Since the presidential election results rolled in on Nov. 8 and shocked the nation, various vote recount efforts have caught the attention of most major political parties, as well as citizens hoping to avoid a Trump presidency . Though former Green Party presidential candidate Jill Stein has spearheaded the majority of the efforts, Bernie Sanders has weighed in on the vote recount rather candidly. On Nov. 27, he told CNN, "The Green Party has the legal right" to a recount, and he's been supporting the efforts from the sidelines while dismissing President-elect Donald Trump's calling the recount a "scam" and claiming that it's hypocritical of Democrats.
In an interview with Democracy Now's Amy Goodman at the Free Library in Philadelphia, Sanders talked about how recounts are nothing new and stated that people have a right to them. "I'll tell you what it touches on, why it is touching a nerve, is not because I believe that it's going to reverse the results," he said, suggesting that we should go back to paper ballots as Canada still does. He added, "But this is what people, especially with all of this barrage of attacks on websites and so forth, are really wondering, whether when they vote, is their vote legitimate?"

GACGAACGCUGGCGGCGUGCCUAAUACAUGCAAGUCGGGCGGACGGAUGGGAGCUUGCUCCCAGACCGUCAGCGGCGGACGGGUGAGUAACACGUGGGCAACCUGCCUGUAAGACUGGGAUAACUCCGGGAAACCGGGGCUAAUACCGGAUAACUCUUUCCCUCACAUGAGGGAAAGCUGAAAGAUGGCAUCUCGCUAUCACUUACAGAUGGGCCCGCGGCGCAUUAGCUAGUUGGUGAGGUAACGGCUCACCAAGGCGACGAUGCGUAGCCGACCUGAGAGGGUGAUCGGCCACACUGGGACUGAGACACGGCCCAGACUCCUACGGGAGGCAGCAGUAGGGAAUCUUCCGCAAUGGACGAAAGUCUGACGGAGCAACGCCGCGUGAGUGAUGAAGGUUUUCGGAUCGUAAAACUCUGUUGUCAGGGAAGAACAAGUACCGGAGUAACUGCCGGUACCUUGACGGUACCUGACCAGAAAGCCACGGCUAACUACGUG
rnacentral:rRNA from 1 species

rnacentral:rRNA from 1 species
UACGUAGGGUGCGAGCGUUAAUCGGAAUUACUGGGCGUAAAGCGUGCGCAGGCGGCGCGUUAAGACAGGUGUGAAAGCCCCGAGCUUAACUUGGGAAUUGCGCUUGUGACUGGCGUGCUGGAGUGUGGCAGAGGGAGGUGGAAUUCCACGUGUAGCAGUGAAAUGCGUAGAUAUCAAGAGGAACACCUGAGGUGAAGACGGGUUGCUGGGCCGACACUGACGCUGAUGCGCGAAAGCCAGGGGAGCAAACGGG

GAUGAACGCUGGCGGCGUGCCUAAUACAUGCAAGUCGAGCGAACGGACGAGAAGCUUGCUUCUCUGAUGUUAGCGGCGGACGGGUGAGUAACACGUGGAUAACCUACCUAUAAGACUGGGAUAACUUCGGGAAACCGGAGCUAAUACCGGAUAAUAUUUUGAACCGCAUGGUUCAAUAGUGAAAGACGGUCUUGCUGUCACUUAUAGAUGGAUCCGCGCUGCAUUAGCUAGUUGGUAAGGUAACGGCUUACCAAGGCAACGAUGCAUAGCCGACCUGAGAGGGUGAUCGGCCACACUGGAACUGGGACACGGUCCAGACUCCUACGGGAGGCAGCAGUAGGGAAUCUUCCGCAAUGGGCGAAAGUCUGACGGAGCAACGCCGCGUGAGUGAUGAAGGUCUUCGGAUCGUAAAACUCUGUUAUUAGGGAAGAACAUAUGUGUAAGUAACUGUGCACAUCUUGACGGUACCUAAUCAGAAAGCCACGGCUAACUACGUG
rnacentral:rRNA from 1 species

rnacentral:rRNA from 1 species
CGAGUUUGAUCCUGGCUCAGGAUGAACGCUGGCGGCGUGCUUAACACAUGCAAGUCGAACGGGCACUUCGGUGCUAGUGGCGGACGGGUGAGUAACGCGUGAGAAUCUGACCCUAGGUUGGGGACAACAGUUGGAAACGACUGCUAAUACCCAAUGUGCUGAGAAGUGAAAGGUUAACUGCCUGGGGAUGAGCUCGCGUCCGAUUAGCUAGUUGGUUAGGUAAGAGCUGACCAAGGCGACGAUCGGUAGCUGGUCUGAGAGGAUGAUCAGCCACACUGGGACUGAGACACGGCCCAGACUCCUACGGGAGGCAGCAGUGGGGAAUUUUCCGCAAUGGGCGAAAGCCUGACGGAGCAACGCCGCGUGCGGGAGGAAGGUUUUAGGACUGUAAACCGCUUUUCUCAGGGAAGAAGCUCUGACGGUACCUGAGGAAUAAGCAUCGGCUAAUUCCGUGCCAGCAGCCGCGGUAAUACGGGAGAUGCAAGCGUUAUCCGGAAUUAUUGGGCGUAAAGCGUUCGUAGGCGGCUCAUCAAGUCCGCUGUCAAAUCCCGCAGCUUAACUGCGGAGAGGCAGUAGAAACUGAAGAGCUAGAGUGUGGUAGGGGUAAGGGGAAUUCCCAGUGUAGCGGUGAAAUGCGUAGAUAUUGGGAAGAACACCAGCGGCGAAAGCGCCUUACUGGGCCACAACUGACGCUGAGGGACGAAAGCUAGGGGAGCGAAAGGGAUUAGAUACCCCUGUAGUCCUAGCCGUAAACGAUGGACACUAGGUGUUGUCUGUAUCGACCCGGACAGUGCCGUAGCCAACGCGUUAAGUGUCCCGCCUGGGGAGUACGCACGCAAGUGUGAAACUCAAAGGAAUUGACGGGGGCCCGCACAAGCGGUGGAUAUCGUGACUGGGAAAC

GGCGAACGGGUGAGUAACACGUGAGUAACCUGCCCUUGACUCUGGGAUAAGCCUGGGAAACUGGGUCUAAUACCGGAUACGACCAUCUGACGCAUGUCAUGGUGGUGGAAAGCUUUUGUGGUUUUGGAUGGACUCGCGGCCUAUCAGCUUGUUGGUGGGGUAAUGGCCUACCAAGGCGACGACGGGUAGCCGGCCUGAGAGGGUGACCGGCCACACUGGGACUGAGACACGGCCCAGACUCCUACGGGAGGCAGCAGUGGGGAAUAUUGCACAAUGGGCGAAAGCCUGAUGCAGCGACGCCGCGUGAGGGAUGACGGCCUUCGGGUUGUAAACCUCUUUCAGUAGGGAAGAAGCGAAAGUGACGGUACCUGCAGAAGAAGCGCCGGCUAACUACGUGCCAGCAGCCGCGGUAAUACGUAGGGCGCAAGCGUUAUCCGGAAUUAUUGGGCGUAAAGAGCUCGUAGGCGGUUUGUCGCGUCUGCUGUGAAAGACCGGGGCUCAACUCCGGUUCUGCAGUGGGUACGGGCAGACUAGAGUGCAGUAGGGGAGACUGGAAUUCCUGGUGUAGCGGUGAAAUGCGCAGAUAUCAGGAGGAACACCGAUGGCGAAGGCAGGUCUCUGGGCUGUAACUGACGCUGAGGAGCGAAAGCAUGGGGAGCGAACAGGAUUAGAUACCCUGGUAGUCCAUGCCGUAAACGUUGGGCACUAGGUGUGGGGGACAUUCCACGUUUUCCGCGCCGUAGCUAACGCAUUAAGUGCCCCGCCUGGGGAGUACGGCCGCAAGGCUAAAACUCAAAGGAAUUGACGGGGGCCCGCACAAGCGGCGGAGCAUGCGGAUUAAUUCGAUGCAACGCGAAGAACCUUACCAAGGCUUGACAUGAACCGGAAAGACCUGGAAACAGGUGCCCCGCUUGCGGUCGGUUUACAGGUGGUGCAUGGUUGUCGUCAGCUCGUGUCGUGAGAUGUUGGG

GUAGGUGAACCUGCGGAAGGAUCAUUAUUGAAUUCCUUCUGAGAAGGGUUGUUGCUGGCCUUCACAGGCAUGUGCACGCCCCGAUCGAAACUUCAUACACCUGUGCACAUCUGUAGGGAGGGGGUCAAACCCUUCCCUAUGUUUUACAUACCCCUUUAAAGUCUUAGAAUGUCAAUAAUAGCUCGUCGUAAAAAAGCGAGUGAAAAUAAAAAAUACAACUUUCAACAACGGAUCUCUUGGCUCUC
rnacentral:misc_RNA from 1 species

Sanders went on to elaborate on what was perhaps the most important takeaway from his Democracy Now interview. "There's talk: Have the Russians interfered in this thing?" And that question is completely legitimate: In early October, the Obama administration announced that it believes Russia's government interfered in the presidential elections via hacking email accounts among other things.
Hacking or not, the recount, as Sanders sees it, is simply part of the election process. During an appearance on ABC's This Week, Sander insisted that voters keep up with the recount and see it as "not a big deal," and not being driven forward by Democrats. Former presidential candidate Hillary Clinton and her campaign have not initiated the vote recount, but are participating in it, which Sanders sees as no surprise. "Well of course they joined in," he said. "We will see what happens. It's a legal right. It's not a big deal. I don't think anybody, Secretary Clinton or anybody else, thinks that there's going to be profound changes. And we will see what happens."
It seems Sanders will continue to support the efforts of monitoring the voter recount, even though the potential for faithless electors to sway this election is quite slim.